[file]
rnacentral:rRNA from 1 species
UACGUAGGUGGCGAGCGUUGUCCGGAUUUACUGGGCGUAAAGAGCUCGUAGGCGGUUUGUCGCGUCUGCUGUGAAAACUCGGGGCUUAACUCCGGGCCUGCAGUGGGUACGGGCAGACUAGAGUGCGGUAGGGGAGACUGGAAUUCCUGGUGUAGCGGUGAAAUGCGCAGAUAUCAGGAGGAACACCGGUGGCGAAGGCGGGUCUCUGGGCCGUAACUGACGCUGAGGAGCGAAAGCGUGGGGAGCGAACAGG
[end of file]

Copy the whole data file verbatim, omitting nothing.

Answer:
rnacentral:rRNA from 1 species
UACGUAGGUGGCGAGCGUUGUCCGGAUUUACUGGGCGUAAAGAGCUCGUAGGCGGUUUGUCGCGUCUGCUGUGAAAACUCGGGGCUUAACUCCGGGCCUGCAGUGGGUACGGGCAGACUAGAGUGCGGUAGGGGAGACUGGAAUUCCUGGUGUAGCGGUGAAAUGCGCAGAUAUCAGGAGGAACACCGGUGGCGAAGGCGGGUCUCUGGGCCGUAACUGACGCUGAGGAGCGAAAGCGUGGGGAGCGAACAGG